Indestructible

The table is ugly mid-century modern fake-wood Formica. It is not much to look at. The vinyl upholstered chairs around it make an unholy screeching sound and scratch the linoleum when a felt pad falls off a leg. How is it that we have created vaccines and the internet but can’t seem to develop a pad that will stay stuck to the bottom of a chair leg? What’s that about? The chairs are currently blue. Before that, they were green. Before that? I don’t remember.

What 1950’s furniture lacked in appearance, it more than made up for in durability. This set is proof. It is indestructible. It has been used to roll out pie crust and for cleaning buckets of blueberries. It has cooled hundreds of oatmeal cookies through the years. Back when grandmothers still sewed sundresses for their granddaughters, it was the ideal surface for pinning and cutting out patterns. More than a few sunfish have been scaled on it through the years, too. Guns have been cleaned and oiled. Grocery lists written. Hundreds of games of gin rummy, cribbage, and solitaire have been played. The New Testament has been read cover-to-cover during breakfast more than once. It has been cut on, spilled on, painted on, and eaten on. In a kitchen with about eight square feet of actual counter space, it also doubles as the perfect meal prep surface. Forget about those big, fancy kitchen islands you see on new home tours. We have a kitchen table for that.

People, thankfully, do not chain-smoke around it any more, though a generation ago they did. There are fewer black coffee drinkers around it than there used to be, too. The older faces I remember around the table in my youth are just sweet memories and stories now. The pudgy baby faces of our children have morphed overnight into adult faces with jobs, worries, and other people who matter to them. They come for visits and then go back to their lives in the city. Some are starting to bring along new baby faces. If we are lucky, there will be more. That is what makes a family indestructible, isn’t it? New faces?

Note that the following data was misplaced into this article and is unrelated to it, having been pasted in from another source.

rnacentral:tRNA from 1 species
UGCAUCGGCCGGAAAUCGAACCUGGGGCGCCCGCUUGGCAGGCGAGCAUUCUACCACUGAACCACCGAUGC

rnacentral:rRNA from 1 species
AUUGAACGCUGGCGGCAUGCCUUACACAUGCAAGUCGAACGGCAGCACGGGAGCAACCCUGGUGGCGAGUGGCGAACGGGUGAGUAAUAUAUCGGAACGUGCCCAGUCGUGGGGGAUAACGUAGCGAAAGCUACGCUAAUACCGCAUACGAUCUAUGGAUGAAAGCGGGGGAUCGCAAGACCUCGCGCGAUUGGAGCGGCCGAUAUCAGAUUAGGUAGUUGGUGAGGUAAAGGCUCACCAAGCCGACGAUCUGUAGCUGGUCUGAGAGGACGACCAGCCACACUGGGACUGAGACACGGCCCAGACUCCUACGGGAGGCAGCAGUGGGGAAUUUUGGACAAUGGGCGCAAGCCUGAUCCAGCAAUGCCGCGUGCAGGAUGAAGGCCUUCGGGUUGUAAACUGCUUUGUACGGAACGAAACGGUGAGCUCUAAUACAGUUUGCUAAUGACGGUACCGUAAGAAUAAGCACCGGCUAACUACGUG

Some families build palatial lake homes with cathedral ceilings and floor-to-ceiling windows and call them cabins. Their kitchens feature the finest granite counter tops and largest “islands” money can buy. They plop cute pillows embroidered with the word “Gather” on plaid upholstered benches and wait for company. In places like this, I’m never sure whether this is an invitation, a suggestion, or a command.

We have an island, too.  It’s called my grandmother’s kitchen table. It’s where her people gather. It’s where we always have. It’s where we always will.

And let me tell you, that is a thing of beauty.

 

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Our people

My friends are my estate.

-Emily Dickinson

Lately, and for no particular reason, I have been thinking a lot about what makes a community.  I had breakfast with four dear friends on Saturday. As I looked around the table at the faces of women who, with each passing year, remind me more of their beautiful mothers, it struck me that I was the only one at the table who hasn’t yet added “orphan” to the list of titles written on her soul. When it is, they’ll be there.

How do I know? Because these women are my people.

This morning, a younger relative who is an ally to my two adult children of color in all the best ways, told me she is trying hard to be a better one in the lives of the people of color she loves. She does not know how much this means to me, and when I try to tell her, I stumble. I tell her that my kids know she gets it, which is true. I don’t tell her how lonely it so often is to be the educator or bigger person or have to constantly choose which conversations to have with well-meaning friends or family members. That I am, more than anything else, grateful to not feel so alone.

This woman is one of my people, too.